[THROWBACK THURSDAY] Twice as Nice
If you look at the overall success of Hip-Hop over the years it’s easy to notice the magnitude of every individual artist’s contribution to the genre. Let’s not forget, however, the many duos that made noise as well. The MC and the DJ are fundamental to how Hip-Hop stands to this day.
From DJ Jazzy Jeff and The Fresh Prince to Eric B. and Rakim, the collective efforts of two artists will always show and prove that two heads are better than one. During the 1990’s this concept was clear as we were blessed with duos like Method Man and Redman, 8 Ball & MJG and UGK.
As we continue to highlight the 40 Hip-Hop albums that will turn 20 this year, let’s take a look at three albums that established both parties involved and served that good one-two punch to us Hip-Hop heads:
EPMD- Back In Business
Legends never die. Erick Sermon and Parrish Smith are indeed two legendary emcees that with four classics under their belts, released this 5th project in September of 1997. Even with a personal beef going public and shaking the very foundation of their friendship, they squashed the beef and got back to what works. The album was produced by EPMD, Rockwilder (personal favorite of mine) and Agallah and to this day I still feel that “K.I.M” with Red and Keith Murray goes hard!! The sampling on this album was diverse with pieces from Kool & The Gang, Aretha Franklin and 2Pac to name a few.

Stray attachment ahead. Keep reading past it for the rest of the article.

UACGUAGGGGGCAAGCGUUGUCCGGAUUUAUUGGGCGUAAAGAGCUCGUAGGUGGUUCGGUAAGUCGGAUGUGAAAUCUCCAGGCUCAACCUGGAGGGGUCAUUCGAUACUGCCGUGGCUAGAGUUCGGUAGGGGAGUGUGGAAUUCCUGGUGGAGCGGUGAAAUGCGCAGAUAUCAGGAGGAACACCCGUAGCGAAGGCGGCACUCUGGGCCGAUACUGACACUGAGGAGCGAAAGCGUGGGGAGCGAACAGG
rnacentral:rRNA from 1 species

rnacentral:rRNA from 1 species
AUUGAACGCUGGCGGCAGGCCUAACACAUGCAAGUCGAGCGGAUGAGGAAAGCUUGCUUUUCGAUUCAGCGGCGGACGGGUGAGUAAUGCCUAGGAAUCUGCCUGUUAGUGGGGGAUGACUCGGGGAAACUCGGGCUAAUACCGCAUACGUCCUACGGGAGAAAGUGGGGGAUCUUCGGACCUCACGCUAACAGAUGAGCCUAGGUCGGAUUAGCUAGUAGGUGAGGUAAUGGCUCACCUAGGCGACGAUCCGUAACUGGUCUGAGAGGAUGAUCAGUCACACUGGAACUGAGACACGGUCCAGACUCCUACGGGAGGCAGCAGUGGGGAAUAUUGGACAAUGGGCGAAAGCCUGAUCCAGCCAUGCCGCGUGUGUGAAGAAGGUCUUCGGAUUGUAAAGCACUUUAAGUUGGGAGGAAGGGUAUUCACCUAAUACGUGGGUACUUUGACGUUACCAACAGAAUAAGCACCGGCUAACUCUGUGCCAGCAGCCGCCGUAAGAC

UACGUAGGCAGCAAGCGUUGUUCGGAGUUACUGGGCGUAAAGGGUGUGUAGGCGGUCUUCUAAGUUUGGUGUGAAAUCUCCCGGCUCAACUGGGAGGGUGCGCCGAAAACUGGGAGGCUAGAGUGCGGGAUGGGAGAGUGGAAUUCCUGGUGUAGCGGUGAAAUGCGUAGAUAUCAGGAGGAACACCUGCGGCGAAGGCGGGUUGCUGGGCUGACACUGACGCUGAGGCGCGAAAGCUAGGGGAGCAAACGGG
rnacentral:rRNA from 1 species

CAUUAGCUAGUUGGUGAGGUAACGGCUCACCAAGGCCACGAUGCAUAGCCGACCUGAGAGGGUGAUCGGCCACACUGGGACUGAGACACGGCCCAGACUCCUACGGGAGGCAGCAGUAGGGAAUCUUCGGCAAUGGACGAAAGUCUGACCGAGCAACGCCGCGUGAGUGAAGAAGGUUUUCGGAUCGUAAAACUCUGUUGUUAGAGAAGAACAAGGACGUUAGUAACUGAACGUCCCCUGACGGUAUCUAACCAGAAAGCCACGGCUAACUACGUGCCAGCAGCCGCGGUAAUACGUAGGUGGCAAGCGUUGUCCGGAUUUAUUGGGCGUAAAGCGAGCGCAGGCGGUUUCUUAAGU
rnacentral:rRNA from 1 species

Capone-n-Norega- The War Report
New York has always been the breeding ground for hardcore, gangsta rap. The début album of Capone-n-Norega in June of 1997 not only embraced this subculture of Hip-Hop but also was the launch pad for some of its greatest acts. Street credibility was indeed established on this album with a plethora of producers from Buckwild, Lord Finesse and Marley Marl to name some. Their unique and different styles just meshed and re-established that grimy, East Coast swag that was missing for a while.
Eightball & MJG- Lyrics of a Pimp
In December of 1997, Ball and G hit us with a compilation album that was an underground hit. Comprised of songs that were done before “Comin’ Out Hard” was released, the Tennessee emcees/producers further advanced the South in terms of Hip-Hop dominance. I remember having this album on cassette and banging it over my speakers in my car. A true classic album that is a must-have.
Any other albums you want to go back-in-the day about from this era of music? Let’s chop it up below!!
The author Jerry Miller
Aspiring entertainment writer from Indianapolis, Indiana. I served as the Entertainment Editor for the largest African-American magazine in the city of Indianapolis.